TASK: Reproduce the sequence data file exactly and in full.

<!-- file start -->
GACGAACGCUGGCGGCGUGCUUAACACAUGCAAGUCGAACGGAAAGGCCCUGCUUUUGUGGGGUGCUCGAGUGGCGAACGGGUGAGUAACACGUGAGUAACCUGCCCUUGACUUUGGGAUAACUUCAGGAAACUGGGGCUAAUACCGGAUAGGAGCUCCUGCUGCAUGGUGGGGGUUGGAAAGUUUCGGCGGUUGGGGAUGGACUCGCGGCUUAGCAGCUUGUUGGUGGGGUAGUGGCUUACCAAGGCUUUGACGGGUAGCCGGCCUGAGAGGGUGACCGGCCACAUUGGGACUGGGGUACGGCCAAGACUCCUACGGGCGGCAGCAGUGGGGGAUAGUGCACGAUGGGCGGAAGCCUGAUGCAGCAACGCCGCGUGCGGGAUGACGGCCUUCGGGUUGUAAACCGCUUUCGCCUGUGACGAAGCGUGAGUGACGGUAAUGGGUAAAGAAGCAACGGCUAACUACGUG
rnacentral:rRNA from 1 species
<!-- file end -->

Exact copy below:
GACGAACGCUGGCGGCGUGCUUAACACAUGCAAGUCGAACGGAAAGGCCCUGCUUUUGUGGGGUGCUCGAGUGGCGAACGGGUGAGUAACACGUGAGUAACCUGCCCUUGACUUUGGGAUAACUUCAGGAAACUGGGGCUAAUACCGGAUAGGAGCUCCUGCUGCAUGGUGGGGGUUGGAAAGUUUCGGCGGUUGGGGAUGGACUCGCGGCUUAGCAGCUUGUUGGUGGGGUAGUGGCUUACCAAGGCUUUGACGGGUAGCCGGCCUGAGAGGGUGACCGGCCACAUUGGGACUGGGGUACGGCCAAGACUCCUACGGGCGGCAGCAGUGGGGGAUAGUGCACGAUGGGCGGAAGCCUGAUGCAGCAACGCCGCGUGCGGGAUGACGGCCUUCGGGUUGUAAACCGCUUUCGCCUGUGACGAAGCGUGAGUGACGGUAAUGGGUAAAGAAGCAACGGCUAACUACGUG
rnacentral:rRNA from 1 species